The Golden Age of Piracy: The Truth Behind Pirate Myths
(Skyhorse, Oct. 4, 2016)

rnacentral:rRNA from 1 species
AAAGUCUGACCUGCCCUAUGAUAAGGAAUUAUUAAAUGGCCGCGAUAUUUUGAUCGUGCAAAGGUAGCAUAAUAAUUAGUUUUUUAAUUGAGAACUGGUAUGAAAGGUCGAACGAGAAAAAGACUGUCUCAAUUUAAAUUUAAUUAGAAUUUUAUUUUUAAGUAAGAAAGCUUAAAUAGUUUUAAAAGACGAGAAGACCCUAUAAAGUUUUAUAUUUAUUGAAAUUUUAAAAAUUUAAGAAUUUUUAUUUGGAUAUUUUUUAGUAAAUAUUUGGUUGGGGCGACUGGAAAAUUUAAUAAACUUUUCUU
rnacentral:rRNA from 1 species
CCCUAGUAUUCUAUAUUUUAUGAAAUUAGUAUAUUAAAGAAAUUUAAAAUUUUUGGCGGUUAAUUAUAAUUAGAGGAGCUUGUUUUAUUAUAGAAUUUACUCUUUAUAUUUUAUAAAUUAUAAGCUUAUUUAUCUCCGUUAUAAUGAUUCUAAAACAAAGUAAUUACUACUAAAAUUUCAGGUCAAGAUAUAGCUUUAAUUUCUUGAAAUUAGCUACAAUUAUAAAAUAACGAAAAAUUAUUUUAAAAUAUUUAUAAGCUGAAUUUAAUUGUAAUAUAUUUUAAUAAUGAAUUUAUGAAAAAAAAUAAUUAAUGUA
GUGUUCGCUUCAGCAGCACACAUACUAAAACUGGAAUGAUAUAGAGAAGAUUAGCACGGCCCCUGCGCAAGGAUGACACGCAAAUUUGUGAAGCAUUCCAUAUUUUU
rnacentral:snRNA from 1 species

For thousands of years, pirates have terrorized the ocean voyager and the coastal inhabitant, plundered ship and shore, and wrought havoc on the lives and livelihoods of rich and poor alike. Around these desperate men has grown a body of myths and legendsfascinating tales that today strongly influence our notions of pirates and piracy. Most of these myths derive from the pirates of the Golden Age,” from roughly 1655 to 1725. This was the age of the Spanish Main, of Henry Morgan and Blackbeard, of Bartholomew Sharp and Bartholomew Roberts.The history of pirate myth is rich in action, at sea and ashore. However, the truth is far more interesting. In The Golden Age of Piracy, expert pirate historian Benerson Little debunks more than a dozen pirate myths that derive from this erafrom the flying of the Jolly Roger to the burying of treasure, from walking the plank to the staging of epic sea battlesand shows that the truth is far more fascinating and disturbing than the romanticized legends.Among Little’s revelations are that pirates of the Golden Age never made their captives walk the plank and that they, instead, were subject to horrendous torture, such as being burned or hung by their arms. Likewise, epic sea battles involving pirates were fairly rare because most prey surrendered immediately.The stories are real and are drawn heavily from primary sources. Complementing them are colorful images of flags, ships, and buccaneers based on eyewitness accounts.Skyhorse Publishing, as well as our Arcade imprint, are proud to publish a broad range of books for readers interested in history--books about World War II, the Third Reich, Hitler and his henchmen, the JFK assassination, conspiracies, the American Civil War, the American Revolution, gladiators, Vikings, ancient Rome, medieval times, the old West, and much more. While not every title we publish becomes a New York Times bestseller or a national bestseller, we are committed to books on subjects that are sometimes overlooked and to authors whose work might not otherwise find a home.